grinder, Marlboro tobacco, lighter and OCB papers

As people do often in Montpellier, and in a lot of French towns, they walk around, hence the word promenade – both describing a verb to walk, and a noun, a central commons. Last night after pulling a costume together, I headed into town. Since I had covered a lot of distance bicycling during the day, I raced to catch the tram passing me as I was heading into town, to get on it with my bike. I was surprised and happy to see a group of three girls in costume getting on the train at the same time as I. They proceeded to take one after another selfie. There was another guy sitting alone with a black lace veil and scary looking eyes, when I could see them. He would reveal fangs every once in a while. His head remained straight ahead, perhaps slightly bent down. Duh, he was probably looking at his cell phone. The phone was the only thing out of place as he walked from the train in his black clad macabre nun costume. The train arrived at the central plaza in town by the historical center, la Comedie. Once I maneuvered my bike off at this stop I saw all sorts of costumes.

It was clear that this is one of those rare French towns that clearly does celebrate Halloween. It helps when 25% of the population are students. Sure, it was a small percentage, but this meant an ever flowing bunch of costumes. As I’ve mentioned, people in the town of Montpellier love to stroll, promenade, and certainly tourists as well. They gather in cafes and bars that spill into the streets.

I saw some really pretty scary, realistic looking wounds. wow! Yet only took a few pictures of costumes. There were a bunch of excellent, graphically real looking facial wounds and some very clever home-made costumes. One woman was a walking laundry basket. The group shot I took was because I walked up to a guy with a large metallic looking thing, asking “what is that?”. “I’m a grinder; explaining that they were the joint roller brigade; consisting of the grinder, OCB rolling paper, a pack of Marlboro and a lighter.

Pierre the Pumpkin Halloween in Montpellier, France 2017, where Halloween isn’t celebrated

Today, November 1st isn’t a holiday for me, but it is for France. I was wondering why the copy shop I went to was closed, looking at the sign and knowing it wasn’t that late, perplexed. As I paused on a tree-lined street with my bicycle closer to the center of town, I randomly asked a strolling couple with their two toddlers, “is today a holiday or something?” gesturing at the barricaded shops. They answered, we don’t speak french, we speak English. “It’s the Day of the Dead.” I mean, I knew the kids have a week off from school, but I wasn’t really sure what specific day this holiday landed on. I said, it would be crazy to think of people getting a week off from school for Halloween. I laughed. He’s a diplomat, originally from Flemish Belgium and she’s Turkish. They lingered. We talked for a while. I said I hadn’t remembered Day of the Dead being celebrated in Germany, mentioning I lived in Berlin, knowing they have a large Turkish population. She quickly retorted that Berlin has the largest Turkish population outside of Istanbul. He said “sure, it wouldn’t be celebrated in Germany, they’re Protestant”. Its roots are in the Catholic origins of celebrating ancestors. Their kids speak Flemish (Dutch), Turkish, English and are learning French. The woman’s Turkish name means ‘tree with no roots’. I said, but all trees have roots, and she said exactly. I said, oh, it’s a metaphor. She added that she has always embraced rootlessness, which is why when they met and he was still studying, he decided to become a diplomat so that they could live a lifestyle of travel. They’d lived in Belgrade, Serbia.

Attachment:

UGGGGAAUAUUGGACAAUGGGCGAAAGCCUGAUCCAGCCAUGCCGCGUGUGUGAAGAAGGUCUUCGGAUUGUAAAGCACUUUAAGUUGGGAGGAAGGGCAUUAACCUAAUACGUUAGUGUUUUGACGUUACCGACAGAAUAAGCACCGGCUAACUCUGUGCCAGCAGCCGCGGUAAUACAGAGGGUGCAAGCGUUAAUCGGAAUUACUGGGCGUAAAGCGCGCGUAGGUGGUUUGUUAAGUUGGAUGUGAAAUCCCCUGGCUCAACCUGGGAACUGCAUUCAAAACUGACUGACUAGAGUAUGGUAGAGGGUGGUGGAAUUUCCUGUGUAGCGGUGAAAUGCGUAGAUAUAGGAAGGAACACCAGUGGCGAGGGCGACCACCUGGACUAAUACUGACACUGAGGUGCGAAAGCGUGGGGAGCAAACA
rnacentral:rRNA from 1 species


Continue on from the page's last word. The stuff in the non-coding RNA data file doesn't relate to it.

The plaza was full of street performers and crowds around them. In this case several groups of break dancing guys with their loud sound system. Each capitalizing on the November 1st holiday, Day of the Dead. I searched the internet and saw November 2nd as the official Day of the Dead, hey, that’s my mother’s birthday; November 2nd. As I continued searching, it turns out that Day of the Dead actually starts on the 31st of October and goes through November 2nd, depending on what culture you participate in and how it’s celebrated. It’s officially on November 1st in France, called La Toussaint, All Saints Day. I found this CBS link showing photographs of this celebration throughout the world, in one form or another. It for the most part is about honoring ancestors. In fact, I hadn’t realized it was such a prominent holiday in Europe. I knew it was a thing in Mexico, but I never knew to what extent. Here’s a good article about its Mexican roots.

paper cut out graffiti

paper cut out graffiti

carol in her halloween costume 2017 to promenade along the montpellier streets

carol in her halloween costume 2017 to promenade along the montpellier streets

decided to grab a pumpkin from the grocery store today

roasted pumpkin seeds

I sure am fond of Pierre

His shape made me spontaneously draw him out.

hIs hat is very shiftable!

Pierre with an Asian cut

This was the spontaneous costume this past saturday

back in March in Santa Fe

This Is Not A Love Song | Phone Addiction | lyrics by me

this_is_not_a_love_song shot of the original text

I mentioned that I was going to share these lyrics for “This is Not a Love Song”, once i wrote them. Fortunately i took a picture of what I wrote, because I lost the original piece of paper in a park a day or two later. Just finished typing it and I’ll read it at this poetry slam this evening at Librairie Scrupule

Poésie Slam Scène Ouverte

Poésie Slam Scène Ouverte

 

 

 

 

 

 

 

It’s about peoples’ device addiction, in this case, their phones.